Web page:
Characterization of the humoral immune response to the beta-cell antigens insulin and glutamic acid decarboxylase in preclinical and clinical type 1 diabetes
|Organizations:||University of Oulu, Faculty of Medicine, Department of Paediatrics
University of Helsinki, Hospital for Children and Adolescents
|Online Access:||PDF Full Text (PDF, 1 MB)|
|Persistent link:|| http://urn.fi/urn:isbn:9514277805
|Publish Date:|| 2005-08-02
|Thesis type:||Doctoral Dissertation
|Defence Note:||Academic Dissertation to be presented with the assent of the Faculty of Medicine, University of Oulu, for public discussion in the Auditorium 12 of the Department of Paediatrics, Oulu University Hospital, on August 12th, 2005, at 12 noon.
Docent Ari Hinkkanen
Docent Päivi Keskinen
The characteristics of humoral immunity have been proposed to reflect the bias between two T helper (Th) lymphocyte subsets: Th1 cells, which activate cell-mediated immunity, and Th2 cells, which mediate humoral immunity. The present study aimed to characterize the humoral immunity to beta-cell autoantigens insulin and glutamic acid decarboxylase (GAD65) in preclinical and clinical type 1 diabetes.
Insulin antibodies were analyzed in pregnant women with or without type 1 diabetes and their newborn infants and in prediabetic children. Epitope or/and isotype-specific GAD65 antibodies (GAD65Abs) were analyzed in prediabetic children, in children and adolescents diagnosed with type 1 diabetes, and in patients with the autoimmune polyendocrinopathy-candidiasis-ectodermal dystrophy (APECED) syndrome. Antibodies were determined by radioligand immunoassays.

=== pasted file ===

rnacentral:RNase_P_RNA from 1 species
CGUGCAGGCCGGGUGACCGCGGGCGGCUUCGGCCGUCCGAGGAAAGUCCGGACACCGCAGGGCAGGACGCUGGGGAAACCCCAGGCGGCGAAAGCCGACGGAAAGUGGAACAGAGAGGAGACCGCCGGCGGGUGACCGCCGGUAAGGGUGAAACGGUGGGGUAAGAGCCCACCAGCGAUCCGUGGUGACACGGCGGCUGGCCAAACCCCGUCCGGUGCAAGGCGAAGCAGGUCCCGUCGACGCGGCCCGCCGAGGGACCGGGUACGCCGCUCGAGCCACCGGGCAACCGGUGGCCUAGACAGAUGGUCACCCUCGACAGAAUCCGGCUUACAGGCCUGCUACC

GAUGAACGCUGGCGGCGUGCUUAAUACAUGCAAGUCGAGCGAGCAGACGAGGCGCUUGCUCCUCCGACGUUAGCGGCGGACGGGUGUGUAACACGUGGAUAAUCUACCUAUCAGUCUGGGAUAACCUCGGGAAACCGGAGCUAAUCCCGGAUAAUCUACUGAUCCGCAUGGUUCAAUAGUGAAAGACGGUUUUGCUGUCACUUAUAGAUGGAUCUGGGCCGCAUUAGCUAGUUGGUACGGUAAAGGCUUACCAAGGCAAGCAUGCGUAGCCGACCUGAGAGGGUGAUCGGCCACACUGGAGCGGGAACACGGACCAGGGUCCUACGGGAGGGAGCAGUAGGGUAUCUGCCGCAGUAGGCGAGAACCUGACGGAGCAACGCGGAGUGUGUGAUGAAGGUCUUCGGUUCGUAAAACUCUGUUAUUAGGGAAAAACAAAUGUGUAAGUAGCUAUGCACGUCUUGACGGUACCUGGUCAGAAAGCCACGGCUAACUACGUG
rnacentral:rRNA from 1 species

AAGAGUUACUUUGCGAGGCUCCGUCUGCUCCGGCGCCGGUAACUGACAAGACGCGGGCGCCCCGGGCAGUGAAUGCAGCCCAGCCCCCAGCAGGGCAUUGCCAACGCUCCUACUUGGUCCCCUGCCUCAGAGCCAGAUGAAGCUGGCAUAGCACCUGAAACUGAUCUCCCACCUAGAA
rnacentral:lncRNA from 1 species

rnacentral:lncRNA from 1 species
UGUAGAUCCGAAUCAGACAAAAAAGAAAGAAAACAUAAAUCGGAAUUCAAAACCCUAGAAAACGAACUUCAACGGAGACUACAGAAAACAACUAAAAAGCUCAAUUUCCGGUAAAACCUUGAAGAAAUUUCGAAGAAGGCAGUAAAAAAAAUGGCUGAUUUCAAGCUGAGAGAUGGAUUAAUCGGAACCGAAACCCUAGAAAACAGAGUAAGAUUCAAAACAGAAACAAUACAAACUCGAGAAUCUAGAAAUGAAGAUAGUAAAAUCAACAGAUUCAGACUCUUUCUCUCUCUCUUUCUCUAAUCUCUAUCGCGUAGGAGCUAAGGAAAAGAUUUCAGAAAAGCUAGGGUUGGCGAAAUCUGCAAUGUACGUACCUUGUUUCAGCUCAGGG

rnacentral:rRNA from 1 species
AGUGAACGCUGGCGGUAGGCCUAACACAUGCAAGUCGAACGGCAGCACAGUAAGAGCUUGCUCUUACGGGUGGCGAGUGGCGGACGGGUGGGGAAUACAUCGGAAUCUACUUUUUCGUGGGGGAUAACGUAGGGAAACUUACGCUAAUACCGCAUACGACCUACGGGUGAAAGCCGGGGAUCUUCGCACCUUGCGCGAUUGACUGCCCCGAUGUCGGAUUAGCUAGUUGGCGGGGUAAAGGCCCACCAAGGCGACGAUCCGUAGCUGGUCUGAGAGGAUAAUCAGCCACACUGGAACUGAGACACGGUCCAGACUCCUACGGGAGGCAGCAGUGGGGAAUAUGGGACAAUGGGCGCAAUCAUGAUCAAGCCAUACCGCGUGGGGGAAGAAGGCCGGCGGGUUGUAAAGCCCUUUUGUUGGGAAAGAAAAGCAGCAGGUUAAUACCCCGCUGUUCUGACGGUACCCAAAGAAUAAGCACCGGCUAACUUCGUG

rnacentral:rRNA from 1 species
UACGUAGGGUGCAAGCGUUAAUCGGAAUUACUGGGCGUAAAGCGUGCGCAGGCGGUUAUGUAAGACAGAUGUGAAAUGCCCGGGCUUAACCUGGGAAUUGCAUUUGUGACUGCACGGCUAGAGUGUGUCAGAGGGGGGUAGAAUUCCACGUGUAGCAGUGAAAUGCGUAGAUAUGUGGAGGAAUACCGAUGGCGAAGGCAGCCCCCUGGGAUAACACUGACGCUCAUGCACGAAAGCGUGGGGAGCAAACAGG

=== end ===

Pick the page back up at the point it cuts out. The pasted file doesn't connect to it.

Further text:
The humoral immune response to insulin and GAD65 was observed to be a highly dynamic process, comprising mainly the IgG1 subclass and, less frequently, other IgG subclasses. GAD65Abs were directed primarily to the middle region and secondarily to the C-terminal region of GAD65 as a consequence of epitope spreading. Young children who progressed to overt type 1 diabetes were characterized by a broad initial isotype response to insulin and GAD65 and by a strong IgG1 and IgG3 response to insulin. Children who did not progress to clinical type 1 diabetes were characterized by an emerging IgG4 response to GAD65. Rising levels of GAD65Abs targeted to the middle region of GAD65 were associated with high titers of islet cell antibodies and a decreased requirement for exogenous insulin, probably reflecting a persistent residual beta-cell mass, in patients with manifest type 1 diabetes. Non-immunoglobulin insulin-binding activity was observed to be induced by pregnancy. APECED-associated humoral autoimmunity to GAD65 did not differ markedly from that observed in subjects with type 1 diabetes alone.
In conclusion, isotype-specific GAD65 and especially insulin antibodies are valuable markers of the risk of progression to type 1 diabetes in young children. The appearance of an initial IgG3 subclass response and a strong IgG3 response to insulin in children who progressed to overt type 1 diabetes may reflect the role of cytotoxic Th1-biased immunity in the disease process leading to clinical presentation of type 1 diabetes.
Acta Universitatis Ouluensis. D, Medica
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